by Staff Writers
Manila (AFP) Sept 27, 2011
Typhoon Nesat smashed into the Philippines Tuesday, leaving at least 16 people dead, with the capital Manila enduring waist-deep floods, blackouts and dramatic storm surges.
The Philippines is hit by about 20 major storms annually, many of them deadly, but the government said Nesat was one of the largest the country had faced this year, with its rain and wind path twice as big as average.
"This storm is very intense, the rain is strong and winds are powerful... we are hearing of rivers about to burst their banks, and there are evacuations ongoing in different areas," civil defence chief Benito Ramos told AFP.
"We do not have exact figures on how big the damage is... as the storm is still battering us."
He later told AFP that at least 16 people were killed as of 7:00 pm (1100 GMT), with the toll likely to rise overnight as more reports from rescuers on the ground were expected to filter in.
He said four of the dead were crushed by a collapsed structure in Manila, while a baby fell into a raging river in an eastern province Monday.
More than 100 other people were rescued, including fishermen whose boats capsized in rough seas after ignoring warnings not to set sail, he said.
Nesat slammed into the main island of Luzon before dawn, bringing maximum sustained winds of up to 140 kilometres (87 miles) an hour and gusts clocking in at 170 kilometres an hour.
It later weakened while slicing through Luzon, but dumped heavy rains throughout the day across the whole island that is home to about 48 million people.
Parts of the capital, a sprawling megacity of more than 12 million, endured waist-deep flooding, with some of the worst impacts seen around the historic bayside area.
Huge waves crashed into Manila Bay's seawall, sending water spraying over into the picturesque Roxas Boulevard and closing one of the city's main arteries to traffic.
The ground floor of Manila Hospital, which sits on the boulevard facing the bay, was submerged in knee-deep waters, forcing medical staff to relocate patients to the second floor, radio station DZBB said.
The five-star Sofitel Philippine Plaza Hotel, located on the bay, was also evacuated, while the US embassy was partly submerged, according to rescue workers.
Nearly two million households suffered power outages in the capital and surrounding areas, according to the Manila Electric Company, and many people remained without electricity by nightfall.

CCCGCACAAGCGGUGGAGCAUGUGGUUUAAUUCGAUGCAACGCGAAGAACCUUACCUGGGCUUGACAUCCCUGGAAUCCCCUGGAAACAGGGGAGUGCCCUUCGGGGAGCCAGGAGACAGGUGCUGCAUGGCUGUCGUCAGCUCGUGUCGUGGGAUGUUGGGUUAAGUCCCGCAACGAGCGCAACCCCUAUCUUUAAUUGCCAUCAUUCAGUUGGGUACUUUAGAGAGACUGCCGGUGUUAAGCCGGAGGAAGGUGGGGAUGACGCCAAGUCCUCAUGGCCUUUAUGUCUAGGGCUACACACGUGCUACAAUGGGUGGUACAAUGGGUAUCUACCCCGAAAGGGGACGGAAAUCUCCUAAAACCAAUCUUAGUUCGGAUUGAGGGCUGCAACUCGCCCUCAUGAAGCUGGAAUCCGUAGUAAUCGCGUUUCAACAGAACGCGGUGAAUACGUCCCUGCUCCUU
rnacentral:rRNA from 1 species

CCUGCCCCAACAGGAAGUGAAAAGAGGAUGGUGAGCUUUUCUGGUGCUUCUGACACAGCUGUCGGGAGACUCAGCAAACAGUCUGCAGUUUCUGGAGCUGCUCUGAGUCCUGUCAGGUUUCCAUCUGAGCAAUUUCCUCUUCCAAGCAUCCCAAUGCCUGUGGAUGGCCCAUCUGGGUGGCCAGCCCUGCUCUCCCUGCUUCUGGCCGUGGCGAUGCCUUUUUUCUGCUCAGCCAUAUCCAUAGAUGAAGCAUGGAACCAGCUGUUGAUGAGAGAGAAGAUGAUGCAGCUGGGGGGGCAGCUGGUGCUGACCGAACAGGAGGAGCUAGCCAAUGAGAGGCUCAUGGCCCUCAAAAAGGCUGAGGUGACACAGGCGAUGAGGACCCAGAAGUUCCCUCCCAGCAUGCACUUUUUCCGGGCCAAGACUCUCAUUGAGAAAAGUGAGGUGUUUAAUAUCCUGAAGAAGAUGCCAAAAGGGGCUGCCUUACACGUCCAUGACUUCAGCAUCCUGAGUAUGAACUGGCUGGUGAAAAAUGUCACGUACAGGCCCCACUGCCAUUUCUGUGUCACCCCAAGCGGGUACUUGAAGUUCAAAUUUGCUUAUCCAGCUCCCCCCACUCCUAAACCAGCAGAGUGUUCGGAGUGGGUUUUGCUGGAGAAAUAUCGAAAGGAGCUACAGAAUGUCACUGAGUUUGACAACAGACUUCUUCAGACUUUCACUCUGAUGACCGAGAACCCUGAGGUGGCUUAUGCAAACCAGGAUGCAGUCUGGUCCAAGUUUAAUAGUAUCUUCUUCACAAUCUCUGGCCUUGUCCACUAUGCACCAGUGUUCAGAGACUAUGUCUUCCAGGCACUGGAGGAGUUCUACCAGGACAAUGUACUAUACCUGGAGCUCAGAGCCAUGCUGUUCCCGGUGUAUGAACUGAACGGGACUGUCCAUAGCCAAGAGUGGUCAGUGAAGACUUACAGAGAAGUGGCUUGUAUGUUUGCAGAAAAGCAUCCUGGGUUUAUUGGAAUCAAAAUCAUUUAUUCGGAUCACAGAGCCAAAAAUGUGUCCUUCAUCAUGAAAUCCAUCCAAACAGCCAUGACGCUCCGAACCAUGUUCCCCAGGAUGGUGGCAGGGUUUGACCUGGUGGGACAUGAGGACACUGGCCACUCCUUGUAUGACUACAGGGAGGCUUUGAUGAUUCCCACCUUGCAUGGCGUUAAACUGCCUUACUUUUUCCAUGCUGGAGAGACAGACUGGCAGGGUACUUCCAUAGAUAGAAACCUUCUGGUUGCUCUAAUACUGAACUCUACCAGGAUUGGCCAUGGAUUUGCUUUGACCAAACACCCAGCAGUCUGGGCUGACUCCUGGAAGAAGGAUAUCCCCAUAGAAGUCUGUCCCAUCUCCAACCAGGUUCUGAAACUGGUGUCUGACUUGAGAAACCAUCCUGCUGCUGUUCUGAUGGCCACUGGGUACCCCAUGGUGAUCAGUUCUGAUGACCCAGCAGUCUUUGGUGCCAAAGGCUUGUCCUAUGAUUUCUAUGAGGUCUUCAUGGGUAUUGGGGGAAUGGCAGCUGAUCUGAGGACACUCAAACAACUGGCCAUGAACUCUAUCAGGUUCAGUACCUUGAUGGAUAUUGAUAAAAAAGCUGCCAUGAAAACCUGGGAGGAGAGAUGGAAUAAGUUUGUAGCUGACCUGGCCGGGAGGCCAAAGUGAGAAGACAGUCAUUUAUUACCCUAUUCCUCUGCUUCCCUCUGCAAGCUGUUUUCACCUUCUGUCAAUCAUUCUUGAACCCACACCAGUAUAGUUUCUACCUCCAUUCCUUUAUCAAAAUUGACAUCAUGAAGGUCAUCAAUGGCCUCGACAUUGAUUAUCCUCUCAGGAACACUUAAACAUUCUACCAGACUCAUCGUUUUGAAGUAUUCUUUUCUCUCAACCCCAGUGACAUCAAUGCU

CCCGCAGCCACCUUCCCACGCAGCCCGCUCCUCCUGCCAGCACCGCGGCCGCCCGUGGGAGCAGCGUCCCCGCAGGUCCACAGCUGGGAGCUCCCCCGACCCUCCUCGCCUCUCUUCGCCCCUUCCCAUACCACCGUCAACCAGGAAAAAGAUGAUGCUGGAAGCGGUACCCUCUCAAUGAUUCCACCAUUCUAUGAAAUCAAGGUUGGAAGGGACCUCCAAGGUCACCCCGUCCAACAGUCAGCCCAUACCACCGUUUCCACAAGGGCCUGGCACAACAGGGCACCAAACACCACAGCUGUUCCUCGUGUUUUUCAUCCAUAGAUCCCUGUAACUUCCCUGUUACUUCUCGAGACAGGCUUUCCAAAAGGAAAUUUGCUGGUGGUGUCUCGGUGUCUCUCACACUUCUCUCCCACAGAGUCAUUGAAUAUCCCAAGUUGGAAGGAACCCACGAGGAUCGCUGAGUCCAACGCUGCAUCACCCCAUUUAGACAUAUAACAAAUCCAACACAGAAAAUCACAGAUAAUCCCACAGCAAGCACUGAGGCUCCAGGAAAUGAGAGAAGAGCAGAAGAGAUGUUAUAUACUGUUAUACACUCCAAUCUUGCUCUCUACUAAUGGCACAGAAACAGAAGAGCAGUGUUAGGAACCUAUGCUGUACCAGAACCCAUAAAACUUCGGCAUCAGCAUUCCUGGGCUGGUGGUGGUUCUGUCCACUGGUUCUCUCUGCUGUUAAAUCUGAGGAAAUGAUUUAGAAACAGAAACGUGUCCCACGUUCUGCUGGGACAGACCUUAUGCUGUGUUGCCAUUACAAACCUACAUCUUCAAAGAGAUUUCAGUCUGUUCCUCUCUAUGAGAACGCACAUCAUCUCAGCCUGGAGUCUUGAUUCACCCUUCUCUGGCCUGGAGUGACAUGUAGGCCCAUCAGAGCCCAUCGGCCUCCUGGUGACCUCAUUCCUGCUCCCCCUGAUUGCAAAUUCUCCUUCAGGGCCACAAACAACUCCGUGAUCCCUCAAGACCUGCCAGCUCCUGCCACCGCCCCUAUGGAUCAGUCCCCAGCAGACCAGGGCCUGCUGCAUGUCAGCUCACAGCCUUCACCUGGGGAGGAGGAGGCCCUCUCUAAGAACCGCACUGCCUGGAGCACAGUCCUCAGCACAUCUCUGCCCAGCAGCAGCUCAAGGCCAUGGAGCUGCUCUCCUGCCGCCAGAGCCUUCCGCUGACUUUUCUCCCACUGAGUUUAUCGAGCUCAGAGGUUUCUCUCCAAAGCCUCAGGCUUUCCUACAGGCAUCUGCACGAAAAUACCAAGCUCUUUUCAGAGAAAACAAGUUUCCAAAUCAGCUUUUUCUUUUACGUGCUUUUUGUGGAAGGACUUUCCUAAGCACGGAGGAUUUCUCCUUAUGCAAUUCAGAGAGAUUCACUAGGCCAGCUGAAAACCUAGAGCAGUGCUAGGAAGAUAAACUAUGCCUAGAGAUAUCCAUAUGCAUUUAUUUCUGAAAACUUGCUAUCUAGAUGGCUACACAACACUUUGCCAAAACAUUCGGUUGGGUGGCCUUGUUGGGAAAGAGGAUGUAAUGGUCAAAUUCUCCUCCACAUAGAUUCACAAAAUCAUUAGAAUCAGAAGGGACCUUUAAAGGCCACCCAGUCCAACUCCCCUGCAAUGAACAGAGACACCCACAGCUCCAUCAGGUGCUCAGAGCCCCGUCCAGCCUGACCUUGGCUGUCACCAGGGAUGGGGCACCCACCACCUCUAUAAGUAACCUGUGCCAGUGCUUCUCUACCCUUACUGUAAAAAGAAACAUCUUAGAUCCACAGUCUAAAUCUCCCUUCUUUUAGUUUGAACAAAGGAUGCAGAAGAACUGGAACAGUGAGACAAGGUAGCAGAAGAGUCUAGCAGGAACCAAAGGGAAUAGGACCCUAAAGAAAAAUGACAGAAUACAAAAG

Amid the chaos, all schools were suspended and government offices were closed, while dozens of domestic flights in and out of the capital were cancelled.
The Philippine Stock Exchange suspended trading, and Manila's main overhead railway system ground to a halt due to power failures.
A controlled release of water from the Angat Dam in Bulacan province just north of Manila on Tuesday flooded around 25 towns, provincial governor Willy Alvarado said, though there were no reports of casualties.
"We will continue evacuating people into the night," he said on state radio.
The state weather bureau said Nesat was expected to blow into the South China Sea by Wednesday, although bad weather would likely persist for most of the week.
The agricultural provinces of Isabela and Aurora in the east of the country, among the Philippines' leading rice producing areas, were the most heavily affected initially, the state weather bureau said.
Isabela Governor Faustino Dy said about 1,400 people had been relocated to 17 evacuation centres from four coastal towns in his province to avoid powerful storm surges.
About 110,000 residents had already been evacuated from several flood prone towns in Albay, another eastern province, on Monday.
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Evacuations as typhoon nears Philippines
Manila (AFP) Sept 26, 2011
Philippine authorities on Monday evacuated more than 100,000 people, closed schools and grounded flights as one of the biggest typhoons of the year bore down on the Southeast Asian country. Typhoon Nesat was set to make landfall Tuesday morning along the vulnerable eastern edge of the Philippines' main Luzon island, then dump heavy rains hundreds of kilometres (miles) inland to areas includi ... read more
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